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Another Guttural Toad revelation

03 September 2019

Capital Breeding in Cooler Cape Town

A new study suggests that guttural toads are changing their breeding patterns to accommodate the cooler, drier Cape Town climate.

In this study, Giovanni Vimercati compared the mass of different organs from guttural toads from their native population in Durban (see post here) and the invasive population in the peri urban area of Constantia, near Cape Town. The relative masses of the different organs provide information about how these toads invest their energy. 

Native frogs in Cape Town save up much more energy in their storage organs prior to breeding, because of the inhospitable dry summers. Whereas the guttural toad in its native Durban, uses energy as they generate it during the breeding period. These two strategies are known as capital- and income-breeding, respectively.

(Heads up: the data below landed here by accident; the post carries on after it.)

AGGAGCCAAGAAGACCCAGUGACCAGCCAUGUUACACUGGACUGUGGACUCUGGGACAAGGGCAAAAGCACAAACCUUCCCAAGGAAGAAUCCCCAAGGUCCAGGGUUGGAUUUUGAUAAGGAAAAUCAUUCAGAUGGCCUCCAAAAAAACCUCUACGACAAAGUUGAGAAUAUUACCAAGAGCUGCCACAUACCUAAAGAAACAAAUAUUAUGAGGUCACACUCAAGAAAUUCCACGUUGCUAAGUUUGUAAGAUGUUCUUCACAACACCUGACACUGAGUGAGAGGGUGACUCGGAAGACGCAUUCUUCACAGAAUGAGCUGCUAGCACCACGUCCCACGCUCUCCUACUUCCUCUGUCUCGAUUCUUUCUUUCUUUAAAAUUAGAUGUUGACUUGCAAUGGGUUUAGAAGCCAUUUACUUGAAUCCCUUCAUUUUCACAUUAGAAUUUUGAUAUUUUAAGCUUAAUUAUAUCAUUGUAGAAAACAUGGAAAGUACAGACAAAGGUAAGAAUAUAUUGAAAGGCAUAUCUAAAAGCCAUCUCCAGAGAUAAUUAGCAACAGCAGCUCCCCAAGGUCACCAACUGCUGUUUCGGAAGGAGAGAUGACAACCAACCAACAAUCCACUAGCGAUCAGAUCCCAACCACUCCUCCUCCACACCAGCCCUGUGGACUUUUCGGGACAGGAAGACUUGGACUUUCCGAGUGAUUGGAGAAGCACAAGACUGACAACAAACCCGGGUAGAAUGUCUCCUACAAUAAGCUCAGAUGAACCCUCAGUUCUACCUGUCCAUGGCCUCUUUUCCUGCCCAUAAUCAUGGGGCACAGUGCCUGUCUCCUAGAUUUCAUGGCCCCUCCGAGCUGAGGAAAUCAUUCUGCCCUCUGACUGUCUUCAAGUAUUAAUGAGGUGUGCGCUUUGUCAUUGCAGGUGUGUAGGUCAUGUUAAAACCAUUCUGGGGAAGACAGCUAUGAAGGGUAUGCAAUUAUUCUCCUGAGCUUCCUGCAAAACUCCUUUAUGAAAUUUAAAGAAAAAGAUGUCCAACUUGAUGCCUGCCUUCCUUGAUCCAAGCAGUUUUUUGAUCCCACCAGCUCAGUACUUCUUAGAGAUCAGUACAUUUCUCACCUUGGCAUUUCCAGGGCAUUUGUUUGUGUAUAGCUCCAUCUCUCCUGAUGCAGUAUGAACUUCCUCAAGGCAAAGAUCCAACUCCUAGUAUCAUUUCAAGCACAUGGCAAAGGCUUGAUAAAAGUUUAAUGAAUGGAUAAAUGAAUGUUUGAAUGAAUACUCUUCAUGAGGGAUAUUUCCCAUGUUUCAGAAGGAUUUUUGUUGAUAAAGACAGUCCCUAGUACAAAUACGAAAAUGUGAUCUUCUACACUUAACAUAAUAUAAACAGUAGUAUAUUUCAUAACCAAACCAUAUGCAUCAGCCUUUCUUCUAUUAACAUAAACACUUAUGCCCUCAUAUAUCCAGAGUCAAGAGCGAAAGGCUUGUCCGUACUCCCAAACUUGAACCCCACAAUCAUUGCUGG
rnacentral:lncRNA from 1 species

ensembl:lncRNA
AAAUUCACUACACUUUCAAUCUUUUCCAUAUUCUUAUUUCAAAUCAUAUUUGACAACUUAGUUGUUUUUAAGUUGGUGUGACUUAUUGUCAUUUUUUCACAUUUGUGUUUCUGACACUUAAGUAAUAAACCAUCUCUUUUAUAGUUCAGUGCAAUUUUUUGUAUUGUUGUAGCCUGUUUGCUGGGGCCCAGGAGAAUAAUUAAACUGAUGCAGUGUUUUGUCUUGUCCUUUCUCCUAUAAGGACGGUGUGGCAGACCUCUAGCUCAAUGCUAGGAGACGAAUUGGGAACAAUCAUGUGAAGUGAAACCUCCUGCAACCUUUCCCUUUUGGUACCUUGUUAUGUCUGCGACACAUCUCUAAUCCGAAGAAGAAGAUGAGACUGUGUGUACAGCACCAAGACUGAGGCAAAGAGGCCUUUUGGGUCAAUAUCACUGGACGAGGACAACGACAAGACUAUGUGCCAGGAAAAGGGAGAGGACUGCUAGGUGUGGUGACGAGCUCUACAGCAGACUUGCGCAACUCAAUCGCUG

Giovanni's study suggests that even though they have only been in Cape Town for less than 20 years, they have already started moving toward a capital breeding strategy, typical of the native species in the area. However, he only found this difference in females and not males.

The MeaseyLab is conducting lots of interesting work on invasive populations of Guttural Toads at the moment. To see more blog posts about this work, click here.

Vimercati, G., Davies, S. & Measey, J. (2019) Invasive toads adopt marked capital breeding when introduced to a cooler, more seasonal environment. Biological Journal of the Linnnean Society pdf

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